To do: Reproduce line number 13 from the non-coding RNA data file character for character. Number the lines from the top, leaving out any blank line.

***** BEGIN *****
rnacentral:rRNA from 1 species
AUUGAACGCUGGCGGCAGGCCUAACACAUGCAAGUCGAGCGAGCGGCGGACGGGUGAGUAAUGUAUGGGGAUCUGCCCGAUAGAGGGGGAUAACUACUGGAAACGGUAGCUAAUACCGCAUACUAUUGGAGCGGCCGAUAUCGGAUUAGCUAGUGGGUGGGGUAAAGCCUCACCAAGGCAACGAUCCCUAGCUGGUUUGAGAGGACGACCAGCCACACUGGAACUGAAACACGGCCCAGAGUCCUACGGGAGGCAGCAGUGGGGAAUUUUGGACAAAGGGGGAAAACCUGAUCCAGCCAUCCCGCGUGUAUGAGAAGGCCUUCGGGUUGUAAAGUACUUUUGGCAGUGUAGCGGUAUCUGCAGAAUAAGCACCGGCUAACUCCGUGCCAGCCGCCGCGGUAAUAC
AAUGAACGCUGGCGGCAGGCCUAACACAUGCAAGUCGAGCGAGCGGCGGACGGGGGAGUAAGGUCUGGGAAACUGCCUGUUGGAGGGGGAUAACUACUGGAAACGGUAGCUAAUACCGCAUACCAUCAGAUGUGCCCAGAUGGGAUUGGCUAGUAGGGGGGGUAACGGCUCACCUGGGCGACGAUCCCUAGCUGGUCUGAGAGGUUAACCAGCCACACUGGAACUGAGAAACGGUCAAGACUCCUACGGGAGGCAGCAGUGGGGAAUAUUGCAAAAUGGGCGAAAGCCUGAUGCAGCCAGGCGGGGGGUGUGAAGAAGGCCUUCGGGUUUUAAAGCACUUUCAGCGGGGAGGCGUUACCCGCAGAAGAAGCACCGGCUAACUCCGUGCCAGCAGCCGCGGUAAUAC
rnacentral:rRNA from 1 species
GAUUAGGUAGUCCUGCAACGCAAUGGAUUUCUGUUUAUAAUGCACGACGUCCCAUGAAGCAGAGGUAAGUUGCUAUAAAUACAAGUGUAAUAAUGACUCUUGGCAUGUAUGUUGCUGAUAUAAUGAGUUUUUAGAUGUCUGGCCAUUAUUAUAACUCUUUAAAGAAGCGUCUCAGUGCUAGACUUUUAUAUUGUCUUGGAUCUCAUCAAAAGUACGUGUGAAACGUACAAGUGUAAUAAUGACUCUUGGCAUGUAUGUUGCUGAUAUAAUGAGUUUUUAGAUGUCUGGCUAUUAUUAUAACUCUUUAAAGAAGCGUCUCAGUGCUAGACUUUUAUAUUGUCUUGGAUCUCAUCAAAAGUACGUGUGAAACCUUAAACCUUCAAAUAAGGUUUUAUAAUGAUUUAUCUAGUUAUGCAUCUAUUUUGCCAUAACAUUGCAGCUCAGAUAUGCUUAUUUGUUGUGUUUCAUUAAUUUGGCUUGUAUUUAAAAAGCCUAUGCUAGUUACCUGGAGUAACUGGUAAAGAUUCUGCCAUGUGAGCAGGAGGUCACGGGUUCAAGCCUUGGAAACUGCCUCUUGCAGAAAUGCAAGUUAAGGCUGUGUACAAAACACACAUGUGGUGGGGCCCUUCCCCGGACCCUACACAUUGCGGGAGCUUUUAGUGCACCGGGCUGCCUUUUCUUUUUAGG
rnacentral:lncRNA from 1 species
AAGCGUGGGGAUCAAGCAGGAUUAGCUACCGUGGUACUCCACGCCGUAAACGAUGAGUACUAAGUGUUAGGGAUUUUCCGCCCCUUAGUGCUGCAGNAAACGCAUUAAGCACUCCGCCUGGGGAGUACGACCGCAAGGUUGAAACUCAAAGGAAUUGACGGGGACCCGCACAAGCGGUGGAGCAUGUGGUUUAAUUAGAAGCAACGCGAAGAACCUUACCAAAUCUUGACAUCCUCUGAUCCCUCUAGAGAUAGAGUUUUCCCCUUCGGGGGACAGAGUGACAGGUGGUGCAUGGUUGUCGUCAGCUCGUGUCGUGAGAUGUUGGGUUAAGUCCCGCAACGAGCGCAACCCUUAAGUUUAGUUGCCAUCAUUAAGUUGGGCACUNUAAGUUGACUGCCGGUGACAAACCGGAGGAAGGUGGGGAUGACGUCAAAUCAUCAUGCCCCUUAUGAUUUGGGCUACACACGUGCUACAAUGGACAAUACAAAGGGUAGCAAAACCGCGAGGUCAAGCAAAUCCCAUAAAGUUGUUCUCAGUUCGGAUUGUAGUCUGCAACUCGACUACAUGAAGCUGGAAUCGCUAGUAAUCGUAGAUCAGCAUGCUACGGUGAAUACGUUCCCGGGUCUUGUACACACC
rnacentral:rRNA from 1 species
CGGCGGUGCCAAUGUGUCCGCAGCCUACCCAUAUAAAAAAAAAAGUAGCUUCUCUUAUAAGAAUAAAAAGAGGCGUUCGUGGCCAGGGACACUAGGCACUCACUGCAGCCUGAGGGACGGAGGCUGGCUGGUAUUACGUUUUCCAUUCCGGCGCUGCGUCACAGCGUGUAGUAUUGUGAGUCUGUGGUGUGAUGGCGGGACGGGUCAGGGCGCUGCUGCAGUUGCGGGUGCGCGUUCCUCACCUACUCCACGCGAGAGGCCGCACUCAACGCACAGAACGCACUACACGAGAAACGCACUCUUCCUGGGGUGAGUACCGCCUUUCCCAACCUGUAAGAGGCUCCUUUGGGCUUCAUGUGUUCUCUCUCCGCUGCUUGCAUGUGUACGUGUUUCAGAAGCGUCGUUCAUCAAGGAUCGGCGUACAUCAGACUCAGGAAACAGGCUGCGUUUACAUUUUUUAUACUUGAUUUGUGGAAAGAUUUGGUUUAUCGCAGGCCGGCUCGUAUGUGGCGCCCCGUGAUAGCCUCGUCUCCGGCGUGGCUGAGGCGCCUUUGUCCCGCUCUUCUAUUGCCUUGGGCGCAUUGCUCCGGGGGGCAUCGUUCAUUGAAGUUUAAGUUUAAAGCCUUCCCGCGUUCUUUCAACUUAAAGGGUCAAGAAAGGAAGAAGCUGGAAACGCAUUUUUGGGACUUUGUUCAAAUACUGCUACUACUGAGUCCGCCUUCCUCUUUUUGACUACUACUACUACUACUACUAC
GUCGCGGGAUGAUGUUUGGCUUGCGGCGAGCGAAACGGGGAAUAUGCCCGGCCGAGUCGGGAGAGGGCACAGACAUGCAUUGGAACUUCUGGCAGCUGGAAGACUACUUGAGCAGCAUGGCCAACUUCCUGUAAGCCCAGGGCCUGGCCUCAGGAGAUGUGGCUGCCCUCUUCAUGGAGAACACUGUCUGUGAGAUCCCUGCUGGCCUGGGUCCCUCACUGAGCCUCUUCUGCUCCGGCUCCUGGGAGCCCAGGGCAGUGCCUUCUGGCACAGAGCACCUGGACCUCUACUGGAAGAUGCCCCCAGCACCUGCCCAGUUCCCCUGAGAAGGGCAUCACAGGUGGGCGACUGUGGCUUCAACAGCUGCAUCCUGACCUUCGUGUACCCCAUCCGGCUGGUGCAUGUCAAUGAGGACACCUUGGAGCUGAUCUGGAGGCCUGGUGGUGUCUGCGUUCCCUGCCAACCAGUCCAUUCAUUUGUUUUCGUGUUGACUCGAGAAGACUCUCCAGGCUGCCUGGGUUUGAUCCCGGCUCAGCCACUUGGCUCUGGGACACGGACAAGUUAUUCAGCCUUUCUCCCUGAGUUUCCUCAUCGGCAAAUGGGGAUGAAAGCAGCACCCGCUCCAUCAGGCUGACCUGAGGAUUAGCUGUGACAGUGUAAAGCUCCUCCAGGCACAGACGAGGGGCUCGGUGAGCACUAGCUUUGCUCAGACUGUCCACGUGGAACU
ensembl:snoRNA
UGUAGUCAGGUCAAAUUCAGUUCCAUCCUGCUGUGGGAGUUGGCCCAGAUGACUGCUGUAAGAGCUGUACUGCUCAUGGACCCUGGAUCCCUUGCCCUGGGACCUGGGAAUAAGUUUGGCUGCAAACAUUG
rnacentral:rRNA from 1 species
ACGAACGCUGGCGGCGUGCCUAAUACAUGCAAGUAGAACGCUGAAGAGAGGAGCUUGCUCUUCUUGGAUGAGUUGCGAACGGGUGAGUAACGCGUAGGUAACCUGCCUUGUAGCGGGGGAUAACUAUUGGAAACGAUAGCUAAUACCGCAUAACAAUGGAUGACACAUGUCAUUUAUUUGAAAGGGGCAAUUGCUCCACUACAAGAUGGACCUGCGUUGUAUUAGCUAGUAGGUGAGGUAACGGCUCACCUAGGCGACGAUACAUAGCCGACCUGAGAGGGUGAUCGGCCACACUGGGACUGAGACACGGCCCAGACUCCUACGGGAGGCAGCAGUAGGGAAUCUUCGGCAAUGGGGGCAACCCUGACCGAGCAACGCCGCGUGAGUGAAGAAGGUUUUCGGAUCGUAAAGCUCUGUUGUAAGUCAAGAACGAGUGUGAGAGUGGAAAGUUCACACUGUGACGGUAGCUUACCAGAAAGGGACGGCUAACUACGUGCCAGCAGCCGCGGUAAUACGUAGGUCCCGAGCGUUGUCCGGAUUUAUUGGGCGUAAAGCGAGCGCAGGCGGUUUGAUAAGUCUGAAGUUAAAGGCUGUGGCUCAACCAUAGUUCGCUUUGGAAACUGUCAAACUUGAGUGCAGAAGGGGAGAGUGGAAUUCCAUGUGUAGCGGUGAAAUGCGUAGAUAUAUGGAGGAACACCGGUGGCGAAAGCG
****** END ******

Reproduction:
rnacentral:rRNA from 1 species